Background: Because patients with coronary artery disease (CAD) could benefit from interventions to decrease psychological distress, it is important to identify these individuals. Both salivary cortisol level and the Hospital Anxiety and Depression Scale (HADS) are recognized measures of stress/anxiety and depression.
Objectives: This study was designed to determine whether there is an association between anxiety and depression, as measured by the HADS, and salivary cortisol levels among patients with CAD, and whether this association is affected by gender.
Methods: All adult residents of Alberta, Canada, undergoing their first cardiac catheterization for CAD (>or=50% occlusion of >or=2 coronary arteries) were eligible for participation in this study. A 14-question survey (the HADS) and 3 saliva-collection devices (a 1-day supply) were sent to the participants' home within 1 week of their initial cardiac catheterization. Participants were asked to take saliva samples for determination of cortisol levels on waking and at 30 and 60 minutes after waking, and then return the completed questionnaire and saliva samples using a prepaid express mailing envelope.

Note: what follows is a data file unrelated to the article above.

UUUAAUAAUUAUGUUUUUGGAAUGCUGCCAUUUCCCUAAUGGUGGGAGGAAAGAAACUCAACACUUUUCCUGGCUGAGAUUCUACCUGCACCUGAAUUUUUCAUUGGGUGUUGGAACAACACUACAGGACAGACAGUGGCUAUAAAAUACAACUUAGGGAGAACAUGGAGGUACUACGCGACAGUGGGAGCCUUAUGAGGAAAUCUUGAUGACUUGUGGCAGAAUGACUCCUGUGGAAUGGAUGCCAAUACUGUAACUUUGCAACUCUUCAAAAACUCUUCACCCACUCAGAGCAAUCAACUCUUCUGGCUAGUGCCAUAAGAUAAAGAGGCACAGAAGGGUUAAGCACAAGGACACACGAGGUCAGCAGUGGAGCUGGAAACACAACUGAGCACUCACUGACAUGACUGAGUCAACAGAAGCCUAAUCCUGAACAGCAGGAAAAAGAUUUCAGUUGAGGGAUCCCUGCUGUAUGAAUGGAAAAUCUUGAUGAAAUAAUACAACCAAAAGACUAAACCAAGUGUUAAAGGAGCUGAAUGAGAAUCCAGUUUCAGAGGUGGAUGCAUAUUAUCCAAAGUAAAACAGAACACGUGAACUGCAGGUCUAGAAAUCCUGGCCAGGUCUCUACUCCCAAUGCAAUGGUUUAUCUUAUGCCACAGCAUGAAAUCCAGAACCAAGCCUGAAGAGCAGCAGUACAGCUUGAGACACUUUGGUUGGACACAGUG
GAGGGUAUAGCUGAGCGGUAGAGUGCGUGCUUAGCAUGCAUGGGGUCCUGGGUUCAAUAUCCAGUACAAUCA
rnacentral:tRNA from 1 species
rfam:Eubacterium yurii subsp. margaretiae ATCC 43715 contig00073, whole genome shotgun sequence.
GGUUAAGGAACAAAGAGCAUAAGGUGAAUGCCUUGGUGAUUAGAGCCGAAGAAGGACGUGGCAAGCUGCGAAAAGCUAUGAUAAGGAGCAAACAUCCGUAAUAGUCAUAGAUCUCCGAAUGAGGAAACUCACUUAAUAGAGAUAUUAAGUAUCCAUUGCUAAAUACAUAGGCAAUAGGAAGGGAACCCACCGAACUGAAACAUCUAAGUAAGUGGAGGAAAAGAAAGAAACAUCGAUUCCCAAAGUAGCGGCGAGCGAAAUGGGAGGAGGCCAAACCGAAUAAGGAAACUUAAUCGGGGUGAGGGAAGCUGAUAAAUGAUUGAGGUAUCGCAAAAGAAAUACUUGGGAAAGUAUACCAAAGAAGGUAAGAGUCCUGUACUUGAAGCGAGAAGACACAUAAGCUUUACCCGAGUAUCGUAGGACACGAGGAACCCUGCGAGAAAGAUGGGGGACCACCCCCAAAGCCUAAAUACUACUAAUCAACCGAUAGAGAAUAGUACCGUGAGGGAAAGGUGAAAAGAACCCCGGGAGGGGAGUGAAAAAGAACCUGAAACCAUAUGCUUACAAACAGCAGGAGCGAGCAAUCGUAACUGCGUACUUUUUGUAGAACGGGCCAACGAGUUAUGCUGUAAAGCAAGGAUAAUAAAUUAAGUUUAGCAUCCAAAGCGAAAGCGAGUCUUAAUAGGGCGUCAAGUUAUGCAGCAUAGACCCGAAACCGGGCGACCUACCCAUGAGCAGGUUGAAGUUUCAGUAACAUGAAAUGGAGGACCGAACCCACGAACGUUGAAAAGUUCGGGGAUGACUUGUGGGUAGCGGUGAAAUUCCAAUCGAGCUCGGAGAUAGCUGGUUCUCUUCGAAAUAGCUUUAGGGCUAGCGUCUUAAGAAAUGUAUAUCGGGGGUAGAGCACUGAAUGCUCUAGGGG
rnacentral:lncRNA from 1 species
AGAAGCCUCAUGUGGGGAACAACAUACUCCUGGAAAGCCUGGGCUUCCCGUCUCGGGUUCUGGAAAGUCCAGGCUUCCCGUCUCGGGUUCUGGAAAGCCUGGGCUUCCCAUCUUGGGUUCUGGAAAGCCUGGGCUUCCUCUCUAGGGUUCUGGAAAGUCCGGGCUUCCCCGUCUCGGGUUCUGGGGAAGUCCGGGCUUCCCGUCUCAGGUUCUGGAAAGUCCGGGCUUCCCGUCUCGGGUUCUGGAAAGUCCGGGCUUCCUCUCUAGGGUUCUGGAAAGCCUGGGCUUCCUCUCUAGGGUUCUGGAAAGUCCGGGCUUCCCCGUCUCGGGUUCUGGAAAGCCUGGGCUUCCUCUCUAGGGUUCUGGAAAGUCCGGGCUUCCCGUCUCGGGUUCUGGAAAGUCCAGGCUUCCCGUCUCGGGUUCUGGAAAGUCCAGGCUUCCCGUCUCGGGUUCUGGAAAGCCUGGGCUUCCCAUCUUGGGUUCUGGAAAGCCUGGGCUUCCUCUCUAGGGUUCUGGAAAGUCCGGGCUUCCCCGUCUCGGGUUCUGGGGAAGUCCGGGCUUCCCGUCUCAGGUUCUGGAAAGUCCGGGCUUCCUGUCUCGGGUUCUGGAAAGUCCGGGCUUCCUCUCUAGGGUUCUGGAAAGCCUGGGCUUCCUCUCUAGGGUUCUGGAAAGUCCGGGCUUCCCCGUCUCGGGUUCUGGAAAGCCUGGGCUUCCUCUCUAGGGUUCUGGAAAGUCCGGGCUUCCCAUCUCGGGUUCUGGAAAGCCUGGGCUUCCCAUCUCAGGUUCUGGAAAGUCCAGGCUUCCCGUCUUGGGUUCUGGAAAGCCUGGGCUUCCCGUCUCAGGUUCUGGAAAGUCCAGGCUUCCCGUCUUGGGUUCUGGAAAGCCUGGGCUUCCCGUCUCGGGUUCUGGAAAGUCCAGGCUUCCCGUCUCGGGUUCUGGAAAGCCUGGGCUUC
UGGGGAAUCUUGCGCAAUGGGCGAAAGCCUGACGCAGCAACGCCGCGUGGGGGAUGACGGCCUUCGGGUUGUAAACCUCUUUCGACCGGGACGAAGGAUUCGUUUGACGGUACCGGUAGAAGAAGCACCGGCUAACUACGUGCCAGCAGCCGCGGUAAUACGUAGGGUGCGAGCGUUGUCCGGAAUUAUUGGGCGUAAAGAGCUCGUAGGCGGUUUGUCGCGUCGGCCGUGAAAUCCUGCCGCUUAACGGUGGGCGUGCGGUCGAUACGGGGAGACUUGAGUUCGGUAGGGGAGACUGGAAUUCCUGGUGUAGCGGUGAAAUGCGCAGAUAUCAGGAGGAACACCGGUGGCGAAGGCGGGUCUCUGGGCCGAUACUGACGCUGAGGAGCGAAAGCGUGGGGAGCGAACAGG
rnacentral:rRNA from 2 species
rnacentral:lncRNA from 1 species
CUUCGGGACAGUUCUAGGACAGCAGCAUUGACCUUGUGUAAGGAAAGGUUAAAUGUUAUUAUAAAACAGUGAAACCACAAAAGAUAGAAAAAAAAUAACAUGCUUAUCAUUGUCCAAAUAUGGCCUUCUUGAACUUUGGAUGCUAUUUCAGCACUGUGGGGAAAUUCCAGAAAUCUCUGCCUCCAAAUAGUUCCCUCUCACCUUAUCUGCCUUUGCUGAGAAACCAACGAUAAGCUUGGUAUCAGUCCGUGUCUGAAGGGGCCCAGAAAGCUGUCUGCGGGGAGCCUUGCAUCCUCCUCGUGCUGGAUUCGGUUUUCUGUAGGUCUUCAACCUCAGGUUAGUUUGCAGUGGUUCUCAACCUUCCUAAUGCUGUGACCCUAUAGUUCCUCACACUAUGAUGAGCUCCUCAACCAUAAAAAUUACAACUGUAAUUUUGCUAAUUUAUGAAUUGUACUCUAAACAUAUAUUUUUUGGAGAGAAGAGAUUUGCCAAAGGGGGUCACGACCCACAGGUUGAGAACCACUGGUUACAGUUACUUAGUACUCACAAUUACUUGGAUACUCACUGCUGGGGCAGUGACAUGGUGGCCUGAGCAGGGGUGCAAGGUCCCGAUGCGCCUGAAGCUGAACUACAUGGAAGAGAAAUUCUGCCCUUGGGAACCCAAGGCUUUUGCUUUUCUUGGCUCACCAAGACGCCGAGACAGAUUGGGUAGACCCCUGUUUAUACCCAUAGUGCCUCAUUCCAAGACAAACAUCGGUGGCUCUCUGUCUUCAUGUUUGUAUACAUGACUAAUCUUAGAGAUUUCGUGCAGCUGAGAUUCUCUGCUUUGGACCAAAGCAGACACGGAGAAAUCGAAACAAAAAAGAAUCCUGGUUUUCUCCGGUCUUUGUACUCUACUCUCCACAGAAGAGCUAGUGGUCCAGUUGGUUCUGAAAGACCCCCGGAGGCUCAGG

Results: Seventy-one adults (52 men and 19 women) participated in the study. Mean (SD) ages were 68.4 (4.6) years for men and 69.1 (4.4) years for women. Among the women, significant negative correlations were found between the HADS anxiety score and the wake-up and 30-minute cortisol levels (higher HADS scores were associated with lower cortisol levels) (all, P < 0.05). Also among women, negative correlations were found between the HADS depression score and the salivary cortisol values, but the differences were not statistically significant. Conversely, among the men, nonsignificant positive correlations were found between the HADS anxiety scores and the salivary cortisol levels (higher HADS scores were associated with higher cortisol levels), and statistically significant positive correlations were observed between the HADS depression scores and all 3 salivary cortisol values (all, P < 0.05).
Conclusions: Our findings suggest that the HADS is an appropriate screening instrument for anxiety and depression in patients with CAD. In particular, the scale appears to be sensitive for measuring anxiety in women and depression in men. When the HADS is used clinically as a screening tool, it should be examined through a "gender-based lens.".